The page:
Anonymous said...

Diane, I'm a bit of a lurker here but I'm delurking joyously to celebrate that beautiful beach that I know so well and to thank you for sharing your photos. Plett is the scene of many my holidays home in South Africa and I love it dearly.

I find what you say about landscape and place so interesting, since as an expat writer I am so deeply attached to the landscape of home. It informs my writing, even when I don't write about South Africa because that ache of home is so acute to me, even 13 years after leaving.

Penny Dolan said...

Lovely post as ever, Dianne! (Now not only are we blue with cold here but also green with envy.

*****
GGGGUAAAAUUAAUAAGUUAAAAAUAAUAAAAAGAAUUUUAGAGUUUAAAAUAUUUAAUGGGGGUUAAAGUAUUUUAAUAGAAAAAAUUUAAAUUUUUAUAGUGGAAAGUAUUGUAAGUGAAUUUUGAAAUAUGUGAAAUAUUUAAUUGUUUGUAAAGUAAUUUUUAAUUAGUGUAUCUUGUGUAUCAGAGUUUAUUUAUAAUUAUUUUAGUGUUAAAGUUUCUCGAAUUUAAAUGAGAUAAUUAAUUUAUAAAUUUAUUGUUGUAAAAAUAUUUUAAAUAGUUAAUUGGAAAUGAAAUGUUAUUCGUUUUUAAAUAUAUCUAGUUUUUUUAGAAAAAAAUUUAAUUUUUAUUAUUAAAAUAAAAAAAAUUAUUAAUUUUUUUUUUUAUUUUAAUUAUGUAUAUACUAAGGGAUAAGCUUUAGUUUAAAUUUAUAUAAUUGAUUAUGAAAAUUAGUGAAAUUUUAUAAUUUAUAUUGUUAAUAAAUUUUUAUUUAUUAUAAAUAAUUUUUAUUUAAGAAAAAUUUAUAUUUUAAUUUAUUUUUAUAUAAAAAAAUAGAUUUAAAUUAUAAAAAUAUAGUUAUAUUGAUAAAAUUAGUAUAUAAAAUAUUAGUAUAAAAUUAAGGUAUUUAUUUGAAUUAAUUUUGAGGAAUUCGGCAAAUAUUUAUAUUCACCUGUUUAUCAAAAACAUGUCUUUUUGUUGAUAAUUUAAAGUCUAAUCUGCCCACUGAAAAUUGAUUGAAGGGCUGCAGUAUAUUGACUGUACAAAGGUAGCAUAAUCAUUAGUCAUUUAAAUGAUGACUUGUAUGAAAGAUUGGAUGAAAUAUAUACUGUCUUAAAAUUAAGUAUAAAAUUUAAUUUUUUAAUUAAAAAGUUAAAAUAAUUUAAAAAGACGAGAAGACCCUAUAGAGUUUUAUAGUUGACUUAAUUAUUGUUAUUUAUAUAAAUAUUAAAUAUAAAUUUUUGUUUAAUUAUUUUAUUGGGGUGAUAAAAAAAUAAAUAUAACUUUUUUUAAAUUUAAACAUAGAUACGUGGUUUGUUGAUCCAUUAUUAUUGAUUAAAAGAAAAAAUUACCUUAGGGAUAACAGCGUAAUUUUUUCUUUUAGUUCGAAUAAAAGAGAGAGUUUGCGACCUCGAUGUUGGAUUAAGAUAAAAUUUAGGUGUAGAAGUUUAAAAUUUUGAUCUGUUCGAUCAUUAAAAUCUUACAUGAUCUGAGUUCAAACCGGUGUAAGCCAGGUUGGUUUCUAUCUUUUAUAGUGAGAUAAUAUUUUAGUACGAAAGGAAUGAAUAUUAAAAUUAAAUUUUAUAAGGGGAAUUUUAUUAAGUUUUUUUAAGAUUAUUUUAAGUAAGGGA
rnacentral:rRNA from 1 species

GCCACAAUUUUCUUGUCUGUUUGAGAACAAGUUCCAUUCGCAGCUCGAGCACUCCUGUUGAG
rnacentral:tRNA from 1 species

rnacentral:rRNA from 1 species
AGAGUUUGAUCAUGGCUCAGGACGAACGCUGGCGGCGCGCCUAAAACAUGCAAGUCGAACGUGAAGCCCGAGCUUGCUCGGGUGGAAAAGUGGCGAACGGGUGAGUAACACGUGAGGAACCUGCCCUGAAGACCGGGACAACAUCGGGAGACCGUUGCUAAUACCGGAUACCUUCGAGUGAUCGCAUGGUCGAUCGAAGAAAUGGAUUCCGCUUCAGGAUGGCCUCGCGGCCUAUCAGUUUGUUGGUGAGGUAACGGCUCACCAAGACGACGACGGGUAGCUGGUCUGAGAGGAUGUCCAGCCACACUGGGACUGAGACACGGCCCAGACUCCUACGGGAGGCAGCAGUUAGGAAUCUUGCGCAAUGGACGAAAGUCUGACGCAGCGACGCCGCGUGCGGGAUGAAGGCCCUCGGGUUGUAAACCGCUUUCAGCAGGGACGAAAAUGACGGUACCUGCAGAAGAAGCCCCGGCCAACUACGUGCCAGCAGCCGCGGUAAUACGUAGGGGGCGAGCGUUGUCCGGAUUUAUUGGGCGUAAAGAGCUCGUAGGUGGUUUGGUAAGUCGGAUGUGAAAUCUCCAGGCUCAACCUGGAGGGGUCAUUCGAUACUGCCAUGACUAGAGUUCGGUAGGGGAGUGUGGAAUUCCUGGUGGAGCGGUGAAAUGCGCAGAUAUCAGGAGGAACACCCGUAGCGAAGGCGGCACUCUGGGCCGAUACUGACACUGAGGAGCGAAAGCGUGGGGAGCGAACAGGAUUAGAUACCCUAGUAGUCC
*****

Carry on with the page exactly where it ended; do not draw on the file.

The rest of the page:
More truthfully, how happy you sound being there with your family. Thanks for these beautiful pictures that match your beautiful time. Though alas, poor yurt!

adele said...

I'm envious too! Have a super time....thanks for lovely post.

Ms. Yingling said...

It sounds like this winter is MUCH better than last. I'm glad. And jealous, a little, of the weather.

Dianne Hofmeyr said...

Great to have you lurking on the ABBA site Charlotte. Are you UK based? Thanks Penny, Adele, Ms Yingling... though I do feel a bit guilty when I hear some of you are being so prolific. Makes me panic a bit. Does it count if I work through the UK summer?

Anonymous said...

I came here because I "met" Elen elsewhere. I live in Germany, and am grateful every day of my life to the internet for keeping me in touch with English writers.

Natasha Mostert (Author) said...

I arrived back from the Cape over the weekend to torrential rain and bone-snapping cold. Your blog immediately brought back memories of the sun and scents I left behind in Africa. I'm homesick and not even the joys of having a proper "speedy" internet connection can make up for it!